Not that long ago, it was believed that children were only affected by type 1 diabetes. The reality, however, is that there are now many more children with type 2 diabetes as well. The good news is that preventing diabetes in children can go a long way in keeping them healthy and free of this chronic disease. Here are some ways you can be proactive in helping prevent diabetes in children.
Can all types of diabetes be prevented?
Type 1 diabetes (in which the immune system attacks the pancreas and destroys cells that make insulin) cannot be prevented in children because researchers are still figuring out what causes it. Even though there are blood tests to determine early signs of the disease, there are still no concrete ways to stop type 1 diabetes from progressing. Find more information on type 1 diabetes here.
The prevention of type 2 diabetes in children (in which the pancreas can still make insulin but the body doesn’t respond to it properly) is a lot more positive. While not all risk factors for type 2 diabetes can be avoided in children, many can. In fact, studies have proven that changes in lifestyle can do wonders in delaying or even offsetting type 2 diabetes in kids.
Who’s at risk for type 2 diabetes?
The single greatest cause of type 2 diabetes in children is extra weight. In fact, an overweight or obese child is twice as likely to get diabetes compared to children who are within a normal weight range for their age and height. As with adults, type 2 diabetes is more likely to affect children with excess weight around their stomachs.
Having one or more family members with the disease can increase a child’s risk for type 2 diabetes, as can being part of certain ethnic groups (e.g., Aboriginal, South Asian, Hispanic or African).
How to prevent diabetes in children?
Type 2 diabetes in children can be prevented by following many of the same steps used to treat the disease.
Make sure your child gets some physical activity every single day as the research proves that exercise has a significant effect on reducing insulin resistance. It can also help build bones and muscle and keep the heart healthy. Be sure to limit screen time (be that TV or computer) to no more than two hours a day and get children outside and moving whenever possible.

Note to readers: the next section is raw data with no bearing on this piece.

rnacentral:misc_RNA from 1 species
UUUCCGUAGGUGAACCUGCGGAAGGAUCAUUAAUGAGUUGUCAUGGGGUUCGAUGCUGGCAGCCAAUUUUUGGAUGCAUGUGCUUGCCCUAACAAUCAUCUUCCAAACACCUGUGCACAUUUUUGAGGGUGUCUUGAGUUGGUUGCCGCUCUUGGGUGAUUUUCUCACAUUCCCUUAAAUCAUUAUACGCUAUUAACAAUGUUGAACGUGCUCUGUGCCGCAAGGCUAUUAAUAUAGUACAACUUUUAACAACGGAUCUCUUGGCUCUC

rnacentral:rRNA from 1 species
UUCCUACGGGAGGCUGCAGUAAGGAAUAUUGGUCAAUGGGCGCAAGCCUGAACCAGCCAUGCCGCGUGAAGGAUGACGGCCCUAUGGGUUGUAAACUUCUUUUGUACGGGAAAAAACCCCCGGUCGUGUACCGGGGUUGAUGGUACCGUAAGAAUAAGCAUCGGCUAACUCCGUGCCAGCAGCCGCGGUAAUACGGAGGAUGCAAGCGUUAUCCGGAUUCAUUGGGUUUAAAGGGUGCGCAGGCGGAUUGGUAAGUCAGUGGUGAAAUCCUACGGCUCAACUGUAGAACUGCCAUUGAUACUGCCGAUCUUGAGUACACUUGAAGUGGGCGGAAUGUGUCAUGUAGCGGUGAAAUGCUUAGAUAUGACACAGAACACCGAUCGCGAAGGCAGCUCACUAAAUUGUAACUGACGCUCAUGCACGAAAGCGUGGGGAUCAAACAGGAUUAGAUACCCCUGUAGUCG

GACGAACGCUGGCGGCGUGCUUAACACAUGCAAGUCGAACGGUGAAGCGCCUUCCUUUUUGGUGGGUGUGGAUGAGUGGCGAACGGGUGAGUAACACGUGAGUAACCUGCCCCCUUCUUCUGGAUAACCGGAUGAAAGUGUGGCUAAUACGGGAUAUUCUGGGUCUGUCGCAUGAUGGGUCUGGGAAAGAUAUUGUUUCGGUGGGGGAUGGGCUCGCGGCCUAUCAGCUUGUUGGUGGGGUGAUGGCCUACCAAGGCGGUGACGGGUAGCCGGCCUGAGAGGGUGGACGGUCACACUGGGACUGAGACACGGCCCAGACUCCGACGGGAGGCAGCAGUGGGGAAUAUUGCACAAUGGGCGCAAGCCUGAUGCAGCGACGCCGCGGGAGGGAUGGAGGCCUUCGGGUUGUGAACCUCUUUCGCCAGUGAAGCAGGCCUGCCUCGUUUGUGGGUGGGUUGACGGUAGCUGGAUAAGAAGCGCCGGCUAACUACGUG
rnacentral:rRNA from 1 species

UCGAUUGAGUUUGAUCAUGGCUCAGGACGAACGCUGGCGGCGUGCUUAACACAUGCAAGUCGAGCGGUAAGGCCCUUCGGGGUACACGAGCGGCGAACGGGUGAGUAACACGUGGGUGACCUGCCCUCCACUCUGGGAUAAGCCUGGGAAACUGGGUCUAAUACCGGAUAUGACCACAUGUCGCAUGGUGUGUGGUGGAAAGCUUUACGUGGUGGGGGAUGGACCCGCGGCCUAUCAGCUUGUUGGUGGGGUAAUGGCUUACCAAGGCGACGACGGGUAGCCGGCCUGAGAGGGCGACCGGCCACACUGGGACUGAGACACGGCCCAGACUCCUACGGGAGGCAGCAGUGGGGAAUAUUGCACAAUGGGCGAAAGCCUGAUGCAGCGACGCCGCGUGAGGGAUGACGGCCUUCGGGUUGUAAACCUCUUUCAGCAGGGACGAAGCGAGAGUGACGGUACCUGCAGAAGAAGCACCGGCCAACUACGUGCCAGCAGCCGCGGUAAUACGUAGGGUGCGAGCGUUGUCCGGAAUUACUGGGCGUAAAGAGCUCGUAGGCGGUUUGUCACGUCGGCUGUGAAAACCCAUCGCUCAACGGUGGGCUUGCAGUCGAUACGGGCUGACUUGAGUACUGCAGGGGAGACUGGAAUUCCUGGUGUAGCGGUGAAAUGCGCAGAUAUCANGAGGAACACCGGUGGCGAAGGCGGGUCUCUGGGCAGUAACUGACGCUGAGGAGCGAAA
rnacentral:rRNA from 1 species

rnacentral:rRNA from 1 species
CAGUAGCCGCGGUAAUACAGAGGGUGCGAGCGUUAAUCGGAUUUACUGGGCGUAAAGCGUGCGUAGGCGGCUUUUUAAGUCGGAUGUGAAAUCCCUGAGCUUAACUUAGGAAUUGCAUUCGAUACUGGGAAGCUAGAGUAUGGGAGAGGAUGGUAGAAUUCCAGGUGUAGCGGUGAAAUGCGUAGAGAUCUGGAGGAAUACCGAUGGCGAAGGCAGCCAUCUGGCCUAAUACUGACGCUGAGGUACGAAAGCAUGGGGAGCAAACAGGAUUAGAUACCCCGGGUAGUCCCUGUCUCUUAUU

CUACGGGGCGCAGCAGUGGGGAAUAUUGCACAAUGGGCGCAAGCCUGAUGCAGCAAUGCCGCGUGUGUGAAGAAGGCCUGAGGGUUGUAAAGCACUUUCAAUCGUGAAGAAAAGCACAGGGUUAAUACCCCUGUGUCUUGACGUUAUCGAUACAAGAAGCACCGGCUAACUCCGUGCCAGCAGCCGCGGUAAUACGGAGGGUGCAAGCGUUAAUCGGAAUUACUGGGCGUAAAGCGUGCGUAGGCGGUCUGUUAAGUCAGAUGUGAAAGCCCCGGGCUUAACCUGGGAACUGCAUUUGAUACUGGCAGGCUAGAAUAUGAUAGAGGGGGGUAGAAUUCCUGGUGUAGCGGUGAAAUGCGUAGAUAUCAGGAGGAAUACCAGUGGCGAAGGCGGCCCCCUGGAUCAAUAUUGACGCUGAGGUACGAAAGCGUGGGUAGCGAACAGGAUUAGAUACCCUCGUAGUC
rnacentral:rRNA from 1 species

Challenge your child to small fitness goals to help him or her get active and lose weight, or try exercising together so that it becomes a habit you do together. Here are some ways to get active as a family.
Plan healthy meals:
Encourage your children to eat more fruits and vegetable, as well as drink water instead of sugar-sweetened drinks such as sodas and juices. Make healthy snack foods readily available to them. Keep a few bowls of cut up carrots and celery on hand in the fridge for example, and limit processed or other fast-foods whenever possible.
Find more tips on what to pack your children for healthy lunches and snacks.
Enforce sleep time:
Make sure your child is getting enough shut-eye every night as too little sleep can contribute to unhealthy diets and weight gain. Keep electronics out of the bedroom as they can be distracting and disrupt the natural sleep-wake cycle.
What are possible signs of diabetes?
Children with diabetes may not show any signs initially, but over time the following symptoms may become more prevalent:
- Hungry or thirsty even after eating or drinking
- Dry mouth
- Frequent urination
- Extreme fatigue
- Blurred vision
- Heavy breathing
- Cuts or sores that won’t heal properly
- Unexplained weight loss
- Numbness in the hands or feet
- Darkened skin in the armpits and neck due to insulin resistance
If your child is experiencing any of these symptoms, talk to your healthcare provider about conducting a blood test for your child to get a proper diagnosis.
Can diabetes be reversed in children?
In some cases, even children diagnosed with type 2 diabetes can improve and even reverse their conditions by shedding extra pounds and keeping them off with plenty of exercise and healthy eating habits. The earlier your child makes these lifestyle changes the better his or her chances are of preventing diabetes from progressing.
Keep in mind that if your child were to become inactive again and gain weight, the risk factors for diabetes return. That’s why it’s so important to make healthy habits a lifestyle rather than a quick fix.